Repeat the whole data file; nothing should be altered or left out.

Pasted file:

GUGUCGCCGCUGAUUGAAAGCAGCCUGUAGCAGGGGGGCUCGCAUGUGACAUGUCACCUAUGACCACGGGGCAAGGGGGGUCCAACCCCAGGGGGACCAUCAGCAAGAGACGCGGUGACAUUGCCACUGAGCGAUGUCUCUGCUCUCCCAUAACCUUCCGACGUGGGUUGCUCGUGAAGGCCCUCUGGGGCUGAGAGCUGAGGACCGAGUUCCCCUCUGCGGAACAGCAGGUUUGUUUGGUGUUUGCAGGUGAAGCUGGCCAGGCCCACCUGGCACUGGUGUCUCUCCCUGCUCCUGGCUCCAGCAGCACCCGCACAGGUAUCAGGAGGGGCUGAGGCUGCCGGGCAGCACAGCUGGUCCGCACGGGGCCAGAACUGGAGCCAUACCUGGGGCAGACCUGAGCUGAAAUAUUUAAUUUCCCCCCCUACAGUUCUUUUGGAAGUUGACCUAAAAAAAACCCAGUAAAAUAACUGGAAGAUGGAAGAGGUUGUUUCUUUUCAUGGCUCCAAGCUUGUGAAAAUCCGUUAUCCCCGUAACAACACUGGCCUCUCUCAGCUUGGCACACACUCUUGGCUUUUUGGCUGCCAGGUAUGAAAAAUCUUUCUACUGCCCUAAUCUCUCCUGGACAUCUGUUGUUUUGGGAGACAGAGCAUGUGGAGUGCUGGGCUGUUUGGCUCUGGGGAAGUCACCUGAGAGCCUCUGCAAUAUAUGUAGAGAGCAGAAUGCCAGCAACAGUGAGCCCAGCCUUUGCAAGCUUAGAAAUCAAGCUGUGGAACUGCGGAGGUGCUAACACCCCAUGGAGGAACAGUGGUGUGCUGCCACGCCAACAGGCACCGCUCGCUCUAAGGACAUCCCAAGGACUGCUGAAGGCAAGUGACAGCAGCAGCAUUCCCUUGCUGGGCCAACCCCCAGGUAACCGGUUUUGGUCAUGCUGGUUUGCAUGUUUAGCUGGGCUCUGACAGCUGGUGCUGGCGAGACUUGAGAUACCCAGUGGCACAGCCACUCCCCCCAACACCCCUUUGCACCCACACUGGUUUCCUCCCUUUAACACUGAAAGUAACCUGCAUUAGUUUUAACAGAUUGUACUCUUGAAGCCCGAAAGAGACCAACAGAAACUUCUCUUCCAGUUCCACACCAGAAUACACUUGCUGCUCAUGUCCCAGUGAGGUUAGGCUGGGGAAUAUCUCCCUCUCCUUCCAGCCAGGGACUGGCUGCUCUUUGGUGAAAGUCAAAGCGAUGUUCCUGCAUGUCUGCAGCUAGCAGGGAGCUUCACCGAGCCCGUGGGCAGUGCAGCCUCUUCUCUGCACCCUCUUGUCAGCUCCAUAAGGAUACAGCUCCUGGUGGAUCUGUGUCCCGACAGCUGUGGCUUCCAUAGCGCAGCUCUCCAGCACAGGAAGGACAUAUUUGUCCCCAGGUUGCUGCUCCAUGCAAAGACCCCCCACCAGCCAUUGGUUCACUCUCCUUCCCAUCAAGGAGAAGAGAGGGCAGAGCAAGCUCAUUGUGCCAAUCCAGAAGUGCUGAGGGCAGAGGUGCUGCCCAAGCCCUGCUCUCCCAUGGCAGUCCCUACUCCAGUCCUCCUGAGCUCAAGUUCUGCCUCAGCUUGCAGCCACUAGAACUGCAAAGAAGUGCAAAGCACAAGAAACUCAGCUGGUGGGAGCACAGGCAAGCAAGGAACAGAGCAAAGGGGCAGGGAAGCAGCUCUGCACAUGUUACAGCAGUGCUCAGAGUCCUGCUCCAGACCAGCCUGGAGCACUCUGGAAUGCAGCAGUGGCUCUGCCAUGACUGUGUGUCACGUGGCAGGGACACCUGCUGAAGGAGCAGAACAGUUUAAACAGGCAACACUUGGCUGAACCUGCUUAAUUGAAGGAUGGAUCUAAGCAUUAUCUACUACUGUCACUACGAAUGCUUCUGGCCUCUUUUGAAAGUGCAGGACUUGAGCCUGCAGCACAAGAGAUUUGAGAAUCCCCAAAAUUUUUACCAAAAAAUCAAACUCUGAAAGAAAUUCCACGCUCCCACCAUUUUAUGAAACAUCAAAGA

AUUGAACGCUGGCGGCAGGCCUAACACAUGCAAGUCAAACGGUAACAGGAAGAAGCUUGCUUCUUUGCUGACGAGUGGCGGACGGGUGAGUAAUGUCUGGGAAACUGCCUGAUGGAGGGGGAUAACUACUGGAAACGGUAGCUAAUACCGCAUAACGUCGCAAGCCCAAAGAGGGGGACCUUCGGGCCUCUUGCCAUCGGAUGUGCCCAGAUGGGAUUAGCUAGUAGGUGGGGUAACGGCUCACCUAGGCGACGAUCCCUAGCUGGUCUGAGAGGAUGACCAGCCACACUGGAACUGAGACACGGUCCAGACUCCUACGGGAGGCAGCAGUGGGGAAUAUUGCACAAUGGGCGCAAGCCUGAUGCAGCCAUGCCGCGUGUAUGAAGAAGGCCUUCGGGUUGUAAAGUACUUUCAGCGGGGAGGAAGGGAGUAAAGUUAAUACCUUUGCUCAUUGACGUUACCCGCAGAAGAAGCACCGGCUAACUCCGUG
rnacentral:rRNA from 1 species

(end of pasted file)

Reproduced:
GUGUCGCCGCUGAUUGAAAGCAGCCUGUAGCAGGGGGGCUCGCAUGUGACAUGUCACCUAUGACCACGGGGCAAGGGGGGUCCAACCCCAGGGGGACCAUCAGCAAGAGACGCGGUGACAUUGCCACUGAGCGAUGUCUCUGCUCUCCCAUAACCUUCCGACGUGGGUUGCUCGUGAAGGCCCUCUGGGGCUGAGAGCUGAGGACCGAGUUCCCCUCUGCGGAACAGCAGGUUUGUUUGGUGUUUGCAGGUGAAGCUGGCCAGGCCCACCUGGCACUGGUGUCUCUCCCUGCUCCUGGCUCCAGCAGCACCCGCACAGGUAUCAGGAGGGGCUGAGGCUGCCGGGCAGCACAGCUGGUCCGCACGGGGCCAGAACUGGAGCCAUACCUGGGGCAGACCUGAGCUGAAAUAUUUAAUUUCCCCCCCUACAGUUCUUUUGGAAGUUGACCUAAAAAAAACCCAGUAAAAUAACUGGAAGAUGGAAGAGGUUGUUUCUUUUCAUGGCUCCAAGCUUGUGAAAAUCCGUUAUCCCCGUAACAACACUGGCCUCUCUCAGCUUGGCACACACUCUUGGCUUUUUGGCUGCCAGGUAUGAAAAAUCUUUCUACUGCCCUAAUCUCUCCUGGACAUCUGUUGUUUUGGGAGACAGAGCAUGUGGAGUGCUGGGCUGUUUGGCUCUGGGGAAGUCACCUGAGAGCCUCUGCAAUAUAUGUAGAGAGCAGAAUGCCAGCAACAGUGAGCCCAGCCUUUGCAAGCUUAGAAAUCAAGCUGUGGAACUGCGGAGGUGCUAACACCCCAUGGAGGAACAGUGGUGUGCUGCCACGCCAACAGGCACCGCUCGCUCUAAGGACAUCCCAAGGACUGCUGAAGGCAAGUGACAGCAGCAGCAUUCCCUUGCUGGGCCAACCCCCAGGUAACCGGUUUUGGUCAUGCUGGUUUGCAUGUUUAGCUGGGCUCUGACAGCUGGUGCUGGCGAGACUUGAGAUACCCAGUGGCACAGCCACUCCCCCCAACACCCCUUUGCACCCACACUGGUUUCCUCCCUUUAACACUGAAAGUAACCUGCAUUAGUUUUAACAGAUUGUACUCUUGAAGCCCGAAAGAGACCAACAGAAACUUCUCUUCCAGUUCCACACCAGAAUACACUUGCUGCUCAUGUCCCAGUGAGGUUAGGCUGGGGAAUAUCUCCCUCUCCUUCCAGCCAGGGACUGGCUGCUCUUUGGUGAAAGUCAAAGCGAUGUUCCUGCAUGUCUGCAGCUAGCAGGGAGCUUCACCGAGCCCGUGGGCAGUGCAGCCUCUUCUCUGCACCCUCUUGUCAGCUCCAUAAGGAUACAGCUCCUGGUGGAUCUGUGUCCCGACAGCUGUGGCUUCCAUAGCGCAGCUCUCCAGCACAGGAAGGACAUAUUUGUCCCCAGGUUGCUGCUCCAUGCAAAGACCCCCCACCAGCCAUUGGUUCACUCUCCUUCCCAUCAAGGAGAAGAGAGGGCAGAGCAAGCUCAUUGUGCCAAUCCAGAAGUGCUGAGGGCAGAGGUGCUGCCCAAGCCCUGCUCUCCCAUGGCAGUCCCUACUCCAGUCCUCCUGAGCUCAAGUUCUGCCUCAGCUUGCAGCCACUAGAACUGCAAAGAAGUGCAAAGCACAAGAAACUCAGCUGGUGGGAGCACAGGCAAGCAAGGAACAGAGCAAAGGGGCAGGGAAGCAGCUCUGCACAUGUUACAGCAGUGCUCAGAGUCCUGCUCCAGACCAGCCUGGAGCACUCUGGAAUGCAGCAGUGGCUCUGCCAUGACUGUGUGUCACGUGGCAGGGACACCUGCUGAAGGAGCAGAACAGUUUAAACAGGCAACACUUGGCUGAACCUGCUUAAUUGAAGGAUGGAUCUAAGCAUUAUCUACUACUGUCACUACGAAUGCUUCUGGCCUCUUUUGAAAGUGCAGGACUUGAGCCUGCAGCACAAGAGAUUUGAGAAUCCCCAAAAUUUUUACCAAAAAAUCAAACUCUGAAAGAAAUUCCACGCUCCCACCAUUUUAUGAAACAUCAAAGA

AUUGAACGCUGGCGGCAGGCCUAACACAUGCAAGUCAAACGGUAACAGGAAGAAGCUUGCUUCUUUGCUGACGAGUGGCGGACGGGUGAGUAAUGUCUGGGAAACUGCCUGAUGGAGGGGGAUAACUACUGGAAACGGUAGCUAAUACCGCAUAACGUCGCAAGCCCAAAGAGGGGGACCUUCGGGCCUCUUGCCAUCGGAUGUGCCCAGAUGGGAUUAGCUAGUAGGUGGGGUAACGGCUCACCUAGGCGACGAUCCCUAGCUGGUCUGAGAGGAUGACCAGCCACACUGGAACUGAGACACGGUCCAGACUCCUACGGGAGGCAGCAGUGGGGAAUAUUGCACAAUGGGCGCAAGCCUGAUGCAGCCAUGCCGCGUGUAUGAAGAAGGCCUUCGGGUUGUAAAGUACUUUCAGCGGGGAGGAAGGGAGUAAAGUUAAUACCUUUGCUCAUUGACGUUACCCGCAGAAGAAGCACCGGCUAACUCCGUG
rnacentral:rRNA from 1 species